The salans followed next. First up was a Jhinge ka Salan, Prawns in a yogurt gravy flavoured with fenugreek. It was an unmitigated disaster. They had used the wrong prawn, marine Tiger Prawns instead of estuarine or pond raised Bengali Golda Chingri; a salan that was neither here nor there; and lastly by overcooking the prawn till it was a block of rubber! A waste of good seafood.

As though to make up for this we were served with a lovely simple chicken cooked in a bowl with a pastry top like a pot-pie. Interestingly, as many of the bloggers pointed out, the coloured bell peppers and tomatoes in it were definitely not period.

Next up was a sublime, butter soft shank of lamb in a rich, thin gravy redolent of almonds, ghee and whole garam masalas. This dish - Shahi Nehari, was a traditional breakfast dish enjoyed by the Nawabs of Avadh. Sadly in this day and age instead of being cooked slowly in its spices over 8 hours .... the meat had been boiled separately and then mated with the gravy. The top note was one of cardamom. One wondered that if this tasted so delicious how much more astounding the slow cooked version mus have been. 

The gravy course was finished by a classic dal preparation Maash Qaliya. Suffice to say it was able to hold its own quite well amongst all the preceding stars.

All the salans were served with different flat-breads. Khamiri roti (a sourdough bread), Taftan Dum Pukht a flaky puff pastry kind, Tara Naan (a refined flour and semolina dough mixed with milk), Warqi paratha (a richer multi-layered ajwain flavoured bread), and their signature bread - the Naan-e-bah Khummach (semolina and whole wheat bread sprinkled with poppy seeds).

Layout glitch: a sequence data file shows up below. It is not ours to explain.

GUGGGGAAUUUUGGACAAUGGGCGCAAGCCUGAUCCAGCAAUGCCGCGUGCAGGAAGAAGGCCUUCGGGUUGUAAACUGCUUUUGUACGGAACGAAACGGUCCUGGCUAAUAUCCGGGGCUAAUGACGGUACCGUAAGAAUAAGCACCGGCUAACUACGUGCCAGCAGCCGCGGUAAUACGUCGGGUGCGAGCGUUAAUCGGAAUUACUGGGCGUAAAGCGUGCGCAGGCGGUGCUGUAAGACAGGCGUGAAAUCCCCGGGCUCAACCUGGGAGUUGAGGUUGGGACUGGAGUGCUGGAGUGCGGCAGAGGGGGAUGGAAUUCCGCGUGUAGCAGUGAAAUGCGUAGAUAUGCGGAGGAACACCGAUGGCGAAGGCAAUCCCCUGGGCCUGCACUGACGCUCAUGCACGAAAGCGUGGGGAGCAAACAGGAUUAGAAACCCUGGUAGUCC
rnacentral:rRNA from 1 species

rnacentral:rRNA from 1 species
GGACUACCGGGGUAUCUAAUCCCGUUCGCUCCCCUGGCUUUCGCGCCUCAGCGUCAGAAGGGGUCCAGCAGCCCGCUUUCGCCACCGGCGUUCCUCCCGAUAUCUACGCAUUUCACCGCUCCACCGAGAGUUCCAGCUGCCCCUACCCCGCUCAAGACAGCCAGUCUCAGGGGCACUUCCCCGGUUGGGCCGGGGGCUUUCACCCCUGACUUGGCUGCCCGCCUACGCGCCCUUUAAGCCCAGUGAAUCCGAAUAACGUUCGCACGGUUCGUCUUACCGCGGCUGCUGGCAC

The next course, and one I had been waiting for, was the legendary Dum Pukht Biryani ... a dish where spiced and marinated mutton was cooked inside long grained and aromatic Basmati rice. It was an understated, divinely fragrant biryani. There were no frills and no unnecessary garnishes, it was amazingly aromatic with a gentle but firm waft of mace and kewra.  The mutton was silkily soft and the rice was fragrant yet light. It was a true classic. The Burhani Raita that accompaanied it was the perfect consort to a kingly dish.

After all this we realised the desserts were still to come! The sommelier paired them with a Hungarian dessert wine which I tasted but refused, it was too sweet for me. 

We were served the classic Kulfi which was quite nice, a Phirnee which was subtle and very classically understated and a enormous pistachio encrusted Gulab Jamun called the Shahed-e-Jam which was sadly too sweet and really not that great. 

We realised that the Dum Pukht team had overlooked the very famous dessert classic - the Shahi Tukda - a slice of leavened bread, pan fried in ghee, then dipped in sugar syrup flavored with kewra and topped with a hot layer of Rabdi (greatly reduced slightly sweetened milk) and assorted chopped nuts ... Rini and Aishwarya immediately complied with my request and we were served a very nice version of this classic. Though I must say that Jaffer Bhai's version is still the superior one!

All in all it was one of the best meals I have had this year, the company was great, the service superb, the hosting exquisite and the food really really good. Now if they only sort out the way they do their prawns and tighten up their desserts this will be the meal/restaurant to beat in Mumbai.

The Sated Bloggers!